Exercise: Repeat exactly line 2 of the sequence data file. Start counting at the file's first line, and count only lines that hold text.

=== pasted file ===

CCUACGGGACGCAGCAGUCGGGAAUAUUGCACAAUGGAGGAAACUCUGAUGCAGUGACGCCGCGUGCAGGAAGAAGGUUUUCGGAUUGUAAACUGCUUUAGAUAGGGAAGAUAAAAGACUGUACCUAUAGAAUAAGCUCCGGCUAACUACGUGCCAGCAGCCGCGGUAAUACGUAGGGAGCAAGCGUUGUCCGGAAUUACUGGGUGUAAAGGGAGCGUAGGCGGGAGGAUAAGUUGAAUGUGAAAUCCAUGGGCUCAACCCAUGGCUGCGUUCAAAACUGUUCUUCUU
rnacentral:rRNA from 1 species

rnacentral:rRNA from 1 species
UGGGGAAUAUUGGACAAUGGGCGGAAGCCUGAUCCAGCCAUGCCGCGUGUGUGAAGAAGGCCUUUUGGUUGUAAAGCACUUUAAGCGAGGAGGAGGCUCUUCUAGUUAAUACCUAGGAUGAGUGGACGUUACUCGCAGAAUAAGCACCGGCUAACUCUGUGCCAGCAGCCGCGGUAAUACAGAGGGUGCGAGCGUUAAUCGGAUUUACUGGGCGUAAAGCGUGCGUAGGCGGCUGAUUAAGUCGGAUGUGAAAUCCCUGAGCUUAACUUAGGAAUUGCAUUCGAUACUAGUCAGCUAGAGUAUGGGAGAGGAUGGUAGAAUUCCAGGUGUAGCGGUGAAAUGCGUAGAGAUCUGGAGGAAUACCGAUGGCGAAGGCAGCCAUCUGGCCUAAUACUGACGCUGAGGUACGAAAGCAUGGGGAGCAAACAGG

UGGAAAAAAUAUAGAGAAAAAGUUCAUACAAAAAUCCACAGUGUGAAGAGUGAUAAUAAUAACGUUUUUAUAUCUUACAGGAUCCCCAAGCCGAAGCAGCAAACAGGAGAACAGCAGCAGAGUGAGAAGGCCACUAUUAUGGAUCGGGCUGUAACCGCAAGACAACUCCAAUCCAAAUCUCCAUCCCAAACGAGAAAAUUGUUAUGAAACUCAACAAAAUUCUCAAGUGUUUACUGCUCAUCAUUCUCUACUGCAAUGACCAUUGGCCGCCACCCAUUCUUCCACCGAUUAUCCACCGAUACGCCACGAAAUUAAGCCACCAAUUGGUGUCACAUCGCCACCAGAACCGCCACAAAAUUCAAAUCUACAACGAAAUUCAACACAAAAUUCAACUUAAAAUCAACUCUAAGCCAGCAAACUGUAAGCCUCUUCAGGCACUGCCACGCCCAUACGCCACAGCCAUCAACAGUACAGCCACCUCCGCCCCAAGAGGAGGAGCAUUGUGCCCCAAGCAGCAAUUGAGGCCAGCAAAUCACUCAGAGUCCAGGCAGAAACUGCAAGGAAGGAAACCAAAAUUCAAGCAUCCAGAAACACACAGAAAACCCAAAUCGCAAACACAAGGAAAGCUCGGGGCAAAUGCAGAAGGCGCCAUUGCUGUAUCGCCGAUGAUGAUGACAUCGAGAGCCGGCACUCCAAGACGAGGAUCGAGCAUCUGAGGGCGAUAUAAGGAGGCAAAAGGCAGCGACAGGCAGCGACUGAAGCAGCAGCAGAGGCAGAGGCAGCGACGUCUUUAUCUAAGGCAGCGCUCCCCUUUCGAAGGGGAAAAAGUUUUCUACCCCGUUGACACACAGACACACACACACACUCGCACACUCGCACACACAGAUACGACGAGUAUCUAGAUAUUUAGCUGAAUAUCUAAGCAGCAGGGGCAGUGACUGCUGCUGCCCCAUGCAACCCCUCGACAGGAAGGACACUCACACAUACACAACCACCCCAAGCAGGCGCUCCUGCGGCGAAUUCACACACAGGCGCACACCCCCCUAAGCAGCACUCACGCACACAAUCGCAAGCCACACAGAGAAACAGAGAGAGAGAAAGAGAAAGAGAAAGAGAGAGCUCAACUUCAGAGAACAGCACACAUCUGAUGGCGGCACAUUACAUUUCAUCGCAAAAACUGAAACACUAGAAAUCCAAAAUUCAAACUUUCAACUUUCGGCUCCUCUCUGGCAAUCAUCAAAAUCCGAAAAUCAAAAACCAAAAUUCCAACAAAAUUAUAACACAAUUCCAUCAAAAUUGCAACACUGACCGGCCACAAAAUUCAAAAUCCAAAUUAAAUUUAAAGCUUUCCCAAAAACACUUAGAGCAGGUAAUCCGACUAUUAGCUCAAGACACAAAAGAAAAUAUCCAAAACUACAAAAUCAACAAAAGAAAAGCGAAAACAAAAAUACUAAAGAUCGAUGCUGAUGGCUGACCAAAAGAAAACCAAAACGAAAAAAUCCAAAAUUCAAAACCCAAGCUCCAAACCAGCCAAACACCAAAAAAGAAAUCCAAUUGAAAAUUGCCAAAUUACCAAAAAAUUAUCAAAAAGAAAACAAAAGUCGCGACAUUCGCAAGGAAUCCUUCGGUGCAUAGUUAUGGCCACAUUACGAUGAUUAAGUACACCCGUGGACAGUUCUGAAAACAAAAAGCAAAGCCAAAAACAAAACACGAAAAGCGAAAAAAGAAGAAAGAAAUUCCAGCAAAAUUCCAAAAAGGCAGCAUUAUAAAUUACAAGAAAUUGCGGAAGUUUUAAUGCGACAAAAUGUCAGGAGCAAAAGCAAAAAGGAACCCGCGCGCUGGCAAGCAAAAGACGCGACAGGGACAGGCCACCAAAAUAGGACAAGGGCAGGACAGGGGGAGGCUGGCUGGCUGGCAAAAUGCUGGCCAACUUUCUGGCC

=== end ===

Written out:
rnacentral:rRNA from 1 species